Mississippi: Voting rights activists fret over loss of election observers in Mississippi | The Kansas City Star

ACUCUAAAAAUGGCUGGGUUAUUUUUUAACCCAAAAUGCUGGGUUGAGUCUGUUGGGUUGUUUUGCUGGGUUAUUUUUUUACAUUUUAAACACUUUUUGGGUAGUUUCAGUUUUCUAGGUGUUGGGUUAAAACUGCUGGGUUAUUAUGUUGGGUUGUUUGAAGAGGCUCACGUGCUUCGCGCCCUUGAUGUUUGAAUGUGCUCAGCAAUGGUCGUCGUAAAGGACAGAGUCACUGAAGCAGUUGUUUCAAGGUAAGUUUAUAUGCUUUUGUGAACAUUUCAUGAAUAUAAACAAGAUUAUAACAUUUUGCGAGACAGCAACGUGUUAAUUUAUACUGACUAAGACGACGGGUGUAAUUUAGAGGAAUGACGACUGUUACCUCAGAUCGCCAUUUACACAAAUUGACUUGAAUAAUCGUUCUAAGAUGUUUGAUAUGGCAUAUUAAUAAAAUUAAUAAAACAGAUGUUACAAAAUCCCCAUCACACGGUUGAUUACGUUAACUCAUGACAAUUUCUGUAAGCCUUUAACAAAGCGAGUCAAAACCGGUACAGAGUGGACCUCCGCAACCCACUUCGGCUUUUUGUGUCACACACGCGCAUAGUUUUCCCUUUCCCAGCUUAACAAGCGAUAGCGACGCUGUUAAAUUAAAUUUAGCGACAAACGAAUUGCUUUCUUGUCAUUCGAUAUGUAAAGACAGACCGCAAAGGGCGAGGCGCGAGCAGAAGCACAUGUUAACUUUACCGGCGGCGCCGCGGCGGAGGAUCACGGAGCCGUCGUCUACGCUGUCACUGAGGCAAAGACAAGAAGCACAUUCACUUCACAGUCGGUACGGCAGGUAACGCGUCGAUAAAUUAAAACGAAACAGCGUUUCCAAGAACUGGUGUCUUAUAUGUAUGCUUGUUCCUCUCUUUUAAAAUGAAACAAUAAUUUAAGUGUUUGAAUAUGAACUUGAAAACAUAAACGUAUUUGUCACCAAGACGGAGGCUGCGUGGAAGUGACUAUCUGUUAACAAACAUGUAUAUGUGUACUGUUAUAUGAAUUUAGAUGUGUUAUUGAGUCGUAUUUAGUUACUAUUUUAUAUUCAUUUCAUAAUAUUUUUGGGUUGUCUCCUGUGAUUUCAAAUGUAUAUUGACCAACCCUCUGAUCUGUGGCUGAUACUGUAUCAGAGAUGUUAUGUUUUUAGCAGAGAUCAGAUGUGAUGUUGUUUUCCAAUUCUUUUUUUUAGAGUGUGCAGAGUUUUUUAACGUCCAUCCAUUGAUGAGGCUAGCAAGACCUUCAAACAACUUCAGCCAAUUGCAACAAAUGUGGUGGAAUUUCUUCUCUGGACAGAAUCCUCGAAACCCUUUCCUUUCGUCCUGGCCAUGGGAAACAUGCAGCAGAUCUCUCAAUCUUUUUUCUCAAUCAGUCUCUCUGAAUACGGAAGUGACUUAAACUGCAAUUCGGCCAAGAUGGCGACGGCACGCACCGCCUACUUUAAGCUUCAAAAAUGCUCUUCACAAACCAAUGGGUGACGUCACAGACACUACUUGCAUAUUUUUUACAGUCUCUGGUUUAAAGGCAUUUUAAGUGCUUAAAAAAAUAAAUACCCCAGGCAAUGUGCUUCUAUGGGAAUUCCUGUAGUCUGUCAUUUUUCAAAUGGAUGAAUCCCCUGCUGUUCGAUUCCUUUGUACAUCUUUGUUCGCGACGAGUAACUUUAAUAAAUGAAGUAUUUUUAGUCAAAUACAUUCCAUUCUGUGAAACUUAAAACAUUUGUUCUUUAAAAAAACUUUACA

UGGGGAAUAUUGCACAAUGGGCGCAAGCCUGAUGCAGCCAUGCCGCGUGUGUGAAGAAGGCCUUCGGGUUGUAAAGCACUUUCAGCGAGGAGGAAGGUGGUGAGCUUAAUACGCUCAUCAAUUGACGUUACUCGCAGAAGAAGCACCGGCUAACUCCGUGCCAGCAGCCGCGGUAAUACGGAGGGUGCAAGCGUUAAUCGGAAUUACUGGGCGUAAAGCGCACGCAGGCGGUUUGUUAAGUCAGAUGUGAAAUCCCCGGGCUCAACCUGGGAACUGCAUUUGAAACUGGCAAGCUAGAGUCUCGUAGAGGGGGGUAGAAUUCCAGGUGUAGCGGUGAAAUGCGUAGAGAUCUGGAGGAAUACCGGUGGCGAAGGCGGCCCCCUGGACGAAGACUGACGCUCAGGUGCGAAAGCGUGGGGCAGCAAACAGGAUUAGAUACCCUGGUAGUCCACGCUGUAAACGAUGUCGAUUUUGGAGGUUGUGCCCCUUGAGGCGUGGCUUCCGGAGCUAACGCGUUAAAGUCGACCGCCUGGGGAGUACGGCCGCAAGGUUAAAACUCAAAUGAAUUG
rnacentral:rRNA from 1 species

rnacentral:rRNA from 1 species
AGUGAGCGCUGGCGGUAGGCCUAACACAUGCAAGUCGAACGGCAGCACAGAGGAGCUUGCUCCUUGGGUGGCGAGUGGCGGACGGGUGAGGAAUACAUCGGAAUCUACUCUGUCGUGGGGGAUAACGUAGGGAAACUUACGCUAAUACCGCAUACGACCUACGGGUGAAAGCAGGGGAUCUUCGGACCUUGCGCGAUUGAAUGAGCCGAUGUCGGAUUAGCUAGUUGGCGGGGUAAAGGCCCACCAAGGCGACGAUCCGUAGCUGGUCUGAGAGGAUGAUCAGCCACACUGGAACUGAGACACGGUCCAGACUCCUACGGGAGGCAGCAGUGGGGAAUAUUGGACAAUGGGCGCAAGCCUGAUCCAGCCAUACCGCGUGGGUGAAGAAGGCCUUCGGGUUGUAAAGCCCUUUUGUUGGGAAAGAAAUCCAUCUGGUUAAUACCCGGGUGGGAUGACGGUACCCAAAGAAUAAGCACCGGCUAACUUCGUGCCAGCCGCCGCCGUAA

November’s presidential election is the first in more than 50 years in which the federal government won’t send a full complement of specially trained observers to monitor elections in states, like Mississippi, with long records of discriminatory voting practices. After the Supreme Court’s 2013 decision in Shelby County v. Holder weakened a core provision of the Voting Rights Act of 1965, the U.S. Department of Justice can deploy special election observers from the Office of Personnel Management only where authorized by a court order. Because of that requirement, the department will deploy a smaller number of its own staff attorneys and other personnel to monitor elections next month in roughly half the states. Unlike the special observers, the department staffers won’t have the authority to view activity inside polling places and locations where votes are tallied unless they get approval from local officials. That potential loss of access to real-time voting operations is causing concern among civil- and voting-rights activists about the integrity of Mississippi’s vote process.